- Donor-Advised Funds
- Grant Impact
- About Us
The 2022 edition of the Donor-Advised Fund Report examines data from 995 charitable organizations that sponsor donor-advised funds (DAFs). The results show dramatic growth in all four key metrics: grants, contributions, charitable assets and number of accounts.
DAF donors were highly active in 2021. DAFs reached a new record for grantmaking and experienced the fastest growth rates on record for contributions and charitable assets. The sharp increase in grantmaking—over $10 billion more than the prior year—is larger than what occurred at the beginning of the COVID-19 pandemic. Grants from DAFs to qualified charities increased more than 60 percent in the past two years, accelerating an upward ten-year trajectory. DAF grants have grown over 400 percent in the last decade. We also observe that donors who have DAFs can and do respond quickly and generously in the face of pressing challenges and serve an important role in sustained giving.
This edition of the Donor-Advised Fund Report reflects how DAF donors responded to charitable needs in 2021 and how they are positioned to continue their support. For example:
Since the inception of this report, the data show that DAF donors are committed to supporting charitable organizations—over time and when their needs are greatest.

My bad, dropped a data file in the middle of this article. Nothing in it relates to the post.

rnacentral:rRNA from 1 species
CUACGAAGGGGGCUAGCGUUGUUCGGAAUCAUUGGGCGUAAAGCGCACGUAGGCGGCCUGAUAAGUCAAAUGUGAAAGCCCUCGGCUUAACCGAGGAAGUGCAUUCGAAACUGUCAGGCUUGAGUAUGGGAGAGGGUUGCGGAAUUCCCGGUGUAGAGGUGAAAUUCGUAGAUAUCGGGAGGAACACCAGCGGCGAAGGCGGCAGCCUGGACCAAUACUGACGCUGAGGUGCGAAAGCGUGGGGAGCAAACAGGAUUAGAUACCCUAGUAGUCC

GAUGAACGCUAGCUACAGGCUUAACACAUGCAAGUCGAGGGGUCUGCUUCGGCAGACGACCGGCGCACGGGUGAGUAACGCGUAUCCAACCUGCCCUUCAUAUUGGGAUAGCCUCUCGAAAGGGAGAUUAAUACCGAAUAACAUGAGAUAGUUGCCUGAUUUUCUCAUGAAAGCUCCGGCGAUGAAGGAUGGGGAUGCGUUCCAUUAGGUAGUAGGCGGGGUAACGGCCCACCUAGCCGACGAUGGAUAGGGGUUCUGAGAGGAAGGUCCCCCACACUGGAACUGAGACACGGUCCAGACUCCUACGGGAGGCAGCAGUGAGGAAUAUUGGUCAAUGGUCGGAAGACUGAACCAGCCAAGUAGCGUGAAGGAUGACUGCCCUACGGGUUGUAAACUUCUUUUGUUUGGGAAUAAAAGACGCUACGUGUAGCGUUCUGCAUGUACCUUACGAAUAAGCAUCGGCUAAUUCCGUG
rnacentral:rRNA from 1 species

Eileen R. Heisman
President and CEO
A DONOR-ADVISED FUND (DAF) is a giving vehicle that enables donors to support charitable organizations and causes. The first DAFs were established nearly a century ago at community foundations. Today, they exist at different types of charitable sponsors, such as universities, hospitals, charities affiliated with corporate entities and those connected to religious institutions. Many donors use DAFs for traditional individual and family giving, and an increasing number have adapted DAFs to facilitate workplace giving programs, online fundraising platforms and other models that expand philanthropy. National Philanthropic Trust (NPT) provides this report as a public service to those who are interested in the impact of this charitable giving vehicle.
NPT began tracking donor-advised fund data in 2007. This report provides an up-to-date analysis of DAFs. It is based on data collected during 2022 about DAFs and their charitable sponsors in fiscal year 2021. Our historic data file includes records from 1,127 DAF sponsors which operated during at least some of the period since 2007. This edition of the Donor-Advised Fund Report relies on data from 995 charitable sponsors that reported assets in any year from 2015 through 2021. Please visit our Methodology section for more information.
The dollar amount charitable sponsors hold and manage in donor-advised funds. Some charitable sponsors also manage other types of funds, such as field-of-interest funds and designated funds. This report is limited to assets in donor-advised funds.
A tax-exempt organization registered with the IRS and recognized under Section 501(c)(3) of the Internal Revenue Code (IRC). Donations to a charitable organization are tax-deductible to the donor when the donor claims deductions on income taxes. A charitable organization serves broad public purposes in educational, religious, scientific and artistic fields, among others, as well as social wellbeing and public benefit activities. In the context of this report, a charitable organization can be either a charitable sponsor of donor-advised funds or the recipient of a donor-advised fund grant.